The entire college admissions process is daunting – to say the least.
What if, instead of getting overwhelmed and anxious, there was a better way?
Good news! There is
a better way!
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Here are four steps you can take to ease the stresses of the college admissions process, making your experience much simpler and much more efficient.
1. Time Management
Recognizing that time is a valuable commodity will get you much closer to achieving your goals. This realization will help you understand that you need to map out your time in better, more efficient ways.
Create timelines you can easily follow and utilize them to manage your tasks, deciding how to prioritize them.
This brings us to our next step, prioritizing.
Create task lists for college and scholarship applications. Prioritize the most important, based on deadlines.
Decide what needs to be done now, in the near future and what can be saved until a later date. This will ensure your timeline is as accurate as possible, which is what the ultimate goal is in terms of organization.
3. Take Advice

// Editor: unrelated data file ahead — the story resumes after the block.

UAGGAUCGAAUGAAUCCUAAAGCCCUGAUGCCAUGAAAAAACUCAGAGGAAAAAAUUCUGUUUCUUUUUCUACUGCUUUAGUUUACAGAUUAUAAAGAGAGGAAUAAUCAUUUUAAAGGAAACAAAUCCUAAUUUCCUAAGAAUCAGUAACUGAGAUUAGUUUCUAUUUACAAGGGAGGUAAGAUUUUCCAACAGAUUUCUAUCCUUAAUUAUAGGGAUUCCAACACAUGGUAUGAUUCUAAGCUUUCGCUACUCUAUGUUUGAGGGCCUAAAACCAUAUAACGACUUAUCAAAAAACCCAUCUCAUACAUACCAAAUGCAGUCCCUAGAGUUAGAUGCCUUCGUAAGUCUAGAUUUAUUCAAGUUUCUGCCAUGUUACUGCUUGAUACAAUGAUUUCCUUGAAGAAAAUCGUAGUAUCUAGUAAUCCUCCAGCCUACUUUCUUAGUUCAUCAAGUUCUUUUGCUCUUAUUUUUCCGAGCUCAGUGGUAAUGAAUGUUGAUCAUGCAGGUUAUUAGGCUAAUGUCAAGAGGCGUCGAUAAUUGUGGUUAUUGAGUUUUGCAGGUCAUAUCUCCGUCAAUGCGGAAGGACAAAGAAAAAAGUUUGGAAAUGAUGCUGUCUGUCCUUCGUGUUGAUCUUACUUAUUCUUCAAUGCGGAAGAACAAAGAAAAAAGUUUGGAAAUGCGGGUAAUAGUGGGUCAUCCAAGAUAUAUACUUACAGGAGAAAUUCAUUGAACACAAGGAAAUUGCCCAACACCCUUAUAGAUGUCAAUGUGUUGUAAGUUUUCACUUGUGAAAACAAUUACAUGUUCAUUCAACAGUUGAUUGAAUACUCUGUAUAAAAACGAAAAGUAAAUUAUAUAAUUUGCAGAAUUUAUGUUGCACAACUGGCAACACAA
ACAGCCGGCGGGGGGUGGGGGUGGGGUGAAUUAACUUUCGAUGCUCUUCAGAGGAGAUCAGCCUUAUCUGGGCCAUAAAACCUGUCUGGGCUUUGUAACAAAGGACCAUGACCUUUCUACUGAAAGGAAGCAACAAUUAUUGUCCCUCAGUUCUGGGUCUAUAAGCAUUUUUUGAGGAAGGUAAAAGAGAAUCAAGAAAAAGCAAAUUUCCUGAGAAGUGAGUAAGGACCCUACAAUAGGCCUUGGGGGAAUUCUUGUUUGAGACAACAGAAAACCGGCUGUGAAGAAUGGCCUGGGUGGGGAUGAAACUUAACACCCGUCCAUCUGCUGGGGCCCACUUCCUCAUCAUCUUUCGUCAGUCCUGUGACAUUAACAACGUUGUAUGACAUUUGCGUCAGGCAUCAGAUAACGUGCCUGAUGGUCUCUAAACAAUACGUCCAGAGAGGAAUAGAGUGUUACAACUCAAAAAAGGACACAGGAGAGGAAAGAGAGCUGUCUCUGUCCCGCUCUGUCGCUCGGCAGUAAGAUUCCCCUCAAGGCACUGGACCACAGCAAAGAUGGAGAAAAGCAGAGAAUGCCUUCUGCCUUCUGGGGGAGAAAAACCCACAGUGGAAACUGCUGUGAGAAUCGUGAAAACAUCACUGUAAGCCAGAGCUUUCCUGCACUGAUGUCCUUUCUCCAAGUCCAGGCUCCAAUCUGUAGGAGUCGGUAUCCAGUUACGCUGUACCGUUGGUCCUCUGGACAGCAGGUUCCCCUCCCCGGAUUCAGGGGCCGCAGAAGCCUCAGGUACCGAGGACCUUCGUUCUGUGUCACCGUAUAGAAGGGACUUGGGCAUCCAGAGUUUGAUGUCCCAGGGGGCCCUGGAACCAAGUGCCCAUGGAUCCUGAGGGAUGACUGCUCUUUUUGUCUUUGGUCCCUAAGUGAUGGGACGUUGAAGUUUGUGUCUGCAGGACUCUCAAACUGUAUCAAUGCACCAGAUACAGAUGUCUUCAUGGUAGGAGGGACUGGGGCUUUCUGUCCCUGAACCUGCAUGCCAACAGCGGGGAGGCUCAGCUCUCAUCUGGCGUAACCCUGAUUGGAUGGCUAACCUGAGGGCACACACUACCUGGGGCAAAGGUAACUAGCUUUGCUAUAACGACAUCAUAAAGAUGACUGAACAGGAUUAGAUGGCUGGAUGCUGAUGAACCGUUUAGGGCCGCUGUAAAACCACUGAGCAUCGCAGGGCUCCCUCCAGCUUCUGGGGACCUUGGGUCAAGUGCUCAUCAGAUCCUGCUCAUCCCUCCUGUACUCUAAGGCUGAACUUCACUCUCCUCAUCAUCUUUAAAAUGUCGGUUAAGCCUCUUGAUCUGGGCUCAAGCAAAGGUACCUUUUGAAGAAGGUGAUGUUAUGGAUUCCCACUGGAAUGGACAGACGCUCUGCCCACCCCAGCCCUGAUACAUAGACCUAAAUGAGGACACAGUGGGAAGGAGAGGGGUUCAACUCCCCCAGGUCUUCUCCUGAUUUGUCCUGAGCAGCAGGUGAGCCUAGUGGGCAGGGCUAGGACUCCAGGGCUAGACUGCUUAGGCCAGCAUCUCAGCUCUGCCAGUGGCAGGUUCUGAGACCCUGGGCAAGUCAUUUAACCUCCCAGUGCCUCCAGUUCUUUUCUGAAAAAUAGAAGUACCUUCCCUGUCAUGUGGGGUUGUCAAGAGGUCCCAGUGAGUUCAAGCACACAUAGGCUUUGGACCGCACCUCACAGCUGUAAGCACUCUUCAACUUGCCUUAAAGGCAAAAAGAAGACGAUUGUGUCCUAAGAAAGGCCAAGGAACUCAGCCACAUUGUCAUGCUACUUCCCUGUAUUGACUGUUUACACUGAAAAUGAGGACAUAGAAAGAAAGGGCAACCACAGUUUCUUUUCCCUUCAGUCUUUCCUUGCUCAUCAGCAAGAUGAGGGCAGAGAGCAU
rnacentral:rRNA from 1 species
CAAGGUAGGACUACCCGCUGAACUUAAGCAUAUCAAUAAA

College students are a great resource! They recently went through the same process and will likely be able to give valuable insight on the process, how they achieved goals and what they would do differently, given the opportunity.
Your teachers and guidance counselors know what they’re doing – it is their job
, after all. You’d be wise to listen to their advice and, yes, take it from time to time. They have valuable information to offer, so listen up!
Utilize these connections as much as possible to learn from others.
4. Ask for Feedback
Allow others to review your plans and college admissions documents. Peers, teachers, parents and other important people in your life are valuable resources to review your applications, essays, timelines and lists to gain perspective on how you’re doing and what you can improve upon.
Remember, not all criticism is bad. Gaining insight into what can be done better is constructive to your process and will likely help you in gaining that scholarship or acceptance letter. A second, third and fourth set of eyes on that essay never hurts!